Here, if you're even a struggling tech start-up, you feel special, like you're part of a club.

The Harrington Discovery Institute in Cleveland is one such non-profit foundation, and supports research into new therapies. Its commercial arm, BioMotiv, funds companies founded on those discoveries. The institute hopes to build a supportive ecosystem in the area that, if not as big as Boston or Silicon Valley, could become at least as active as smaller regions such as the Research Triangle of North Carolina. “The chances of success occurring in a region increase enormously if you can increase the number of companies,” says Baiju Shah, head of BioMotiv, which he calls a 'bioscience accelerator'.

In Cleveland, meanwhile, the Wallace H. Coulter Foundation has teamed up with Case Western Reserve University — the leading patent-producing university in the state — to form the Case–Coulter Translational Research Partnership, which invests $1 million each year in helping companies to take their inventions to the investment stage. “We just want to get technology out of the university and into the patient population,” says Steve Fening, director of the programme.

To that end, the partnership collaborates with entities such as BioEnterprise — a Cleveland-based group that provides both money and guidance and has helped more than 350 bioscience companies to raise more than $2 billion in funding since its 2002 inception.

Cleveland has seen a boom in the past several years, Fening says. “They can't build apartments fast enough for people living downtown. Ten years ago, nobody wanted to live there.” One new resident is Siemens Healthcare, which, in December 2015, moved its regional base from Pittsburgh, Pennsylvania, to Cleveland's Global Center for Health Innovation.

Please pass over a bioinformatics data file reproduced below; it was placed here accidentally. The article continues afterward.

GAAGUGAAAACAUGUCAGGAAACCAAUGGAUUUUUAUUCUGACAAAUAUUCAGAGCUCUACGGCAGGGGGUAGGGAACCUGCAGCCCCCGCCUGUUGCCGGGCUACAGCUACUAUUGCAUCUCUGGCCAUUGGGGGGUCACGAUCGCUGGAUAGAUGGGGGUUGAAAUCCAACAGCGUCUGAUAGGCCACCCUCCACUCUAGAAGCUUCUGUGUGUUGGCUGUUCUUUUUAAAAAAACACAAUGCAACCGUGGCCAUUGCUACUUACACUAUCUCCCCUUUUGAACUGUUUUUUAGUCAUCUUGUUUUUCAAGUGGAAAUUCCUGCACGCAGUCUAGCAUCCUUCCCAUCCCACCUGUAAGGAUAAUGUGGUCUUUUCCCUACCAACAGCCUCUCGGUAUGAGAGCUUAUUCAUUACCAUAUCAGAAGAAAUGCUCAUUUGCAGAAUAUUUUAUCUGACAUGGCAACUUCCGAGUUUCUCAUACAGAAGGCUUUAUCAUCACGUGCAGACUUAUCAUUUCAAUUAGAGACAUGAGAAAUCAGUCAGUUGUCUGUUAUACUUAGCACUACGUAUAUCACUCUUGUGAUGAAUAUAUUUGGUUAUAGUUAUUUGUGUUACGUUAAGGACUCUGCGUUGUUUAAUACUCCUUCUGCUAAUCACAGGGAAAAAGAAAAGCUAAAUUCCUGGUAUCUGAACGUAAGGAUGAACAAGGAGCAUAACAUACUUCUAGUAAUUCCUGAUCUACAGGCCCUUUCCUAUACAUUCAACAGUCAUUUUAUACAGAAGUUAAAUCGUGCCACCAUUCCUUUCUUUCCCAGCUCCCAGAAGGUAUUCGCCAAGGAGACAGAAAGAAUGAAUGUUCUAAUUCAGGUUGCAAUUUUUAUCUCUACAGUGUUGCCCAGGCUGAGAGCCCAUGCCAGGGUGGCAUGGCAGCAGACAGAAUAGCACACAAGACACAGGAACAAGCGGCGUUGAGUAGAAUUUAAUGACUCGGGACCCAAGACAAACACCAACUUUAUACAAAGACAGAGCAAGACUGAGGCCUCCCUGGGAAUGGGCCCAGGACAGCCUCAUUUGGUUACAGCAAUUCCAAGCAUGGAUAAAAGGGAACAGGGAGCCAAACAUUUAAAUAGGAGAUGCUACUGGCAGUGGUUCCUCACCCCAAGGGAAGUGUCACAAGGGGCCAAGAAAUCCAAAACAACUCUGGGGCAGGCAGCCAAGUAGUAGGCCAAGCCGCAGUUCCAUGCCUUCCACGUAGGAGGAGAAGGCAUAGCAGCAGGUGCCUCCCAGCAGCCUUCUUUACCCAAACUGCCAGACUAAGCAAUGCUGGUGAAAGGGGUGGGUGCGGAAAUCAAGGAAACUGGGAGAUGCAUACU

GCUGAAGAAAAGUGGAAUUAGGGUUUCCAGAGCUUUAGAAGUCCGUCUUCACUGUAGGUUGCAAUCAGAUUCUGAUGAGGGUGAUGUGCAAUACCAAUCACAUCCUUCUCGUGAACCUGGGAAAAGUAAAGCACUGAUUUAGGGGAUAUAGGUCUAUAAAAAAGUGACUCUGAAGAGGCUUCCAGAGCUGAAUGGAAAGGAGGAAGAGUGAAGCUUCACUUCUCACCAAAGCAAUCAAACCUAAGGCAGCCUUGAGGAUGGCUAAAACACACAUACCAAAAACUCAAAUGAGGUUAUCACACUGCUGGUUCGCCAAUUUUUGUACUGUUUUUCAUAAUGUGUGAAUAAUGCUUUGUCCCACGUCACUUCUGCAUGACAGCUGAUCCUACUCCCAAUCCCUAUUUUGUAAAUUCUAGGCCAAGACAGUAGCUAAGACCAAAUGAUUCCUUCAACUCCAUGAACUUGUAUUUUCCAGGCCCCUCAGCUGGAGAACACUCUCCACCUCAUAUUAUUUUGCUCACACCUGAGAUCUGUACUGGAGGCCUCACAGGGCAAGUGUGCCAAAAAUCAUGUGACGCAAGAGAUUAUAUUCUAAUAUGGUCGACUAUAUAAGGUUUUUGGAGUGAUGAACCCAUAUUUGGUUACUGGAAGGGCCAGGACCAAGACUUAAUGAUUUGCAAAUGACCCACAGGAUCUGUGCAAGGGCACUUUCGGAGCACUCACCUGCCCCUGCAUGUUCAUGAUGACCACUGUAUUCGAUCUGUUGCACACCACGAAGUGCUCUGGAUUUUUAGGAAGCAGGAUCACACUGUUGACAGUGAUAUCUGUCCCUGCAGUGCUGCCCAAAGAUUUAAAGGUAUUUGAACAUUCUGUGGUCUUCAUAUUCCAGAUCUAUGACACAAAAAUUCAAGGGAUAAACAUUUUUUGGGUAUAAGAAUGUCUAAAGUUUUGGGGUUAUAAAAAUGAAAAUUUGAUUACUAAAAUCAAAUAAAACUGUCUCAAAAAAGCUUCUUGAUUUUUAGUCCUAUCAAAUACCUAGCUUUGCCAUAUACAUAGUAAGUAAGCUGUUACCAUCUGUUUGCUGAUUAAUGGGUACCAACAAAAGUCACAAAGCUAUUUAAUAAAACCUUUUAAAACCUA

Ohio was an attractive environment for Shaun Young, who in 2015 founded a start-up in Columbus called Ardina. The company provides health-care referral and insurance-gap coverage, which pays for expenses not covered by private insurance, such as patient co-payments for visits to a physician. Young, a pharmacist from Hawaii who has lived in California, Arkansas and Massachusetts, likes the affordability and culture of the city. “Columbus has been very family-friendly,” he says. The local infrastructure was a huge help in starting Ardina, he says — particularly Rev1 Ventures, a seed-funding group.

For his part, Heikenfeld is happy in Ohio — it's a great place to turn research into a company, he says. “It's the universities, it's the venture-capital community, it's urban revitalization, it's the regional strategy — it's everything you need,” he says. “We're changing perceptions, and the proof is in the success.”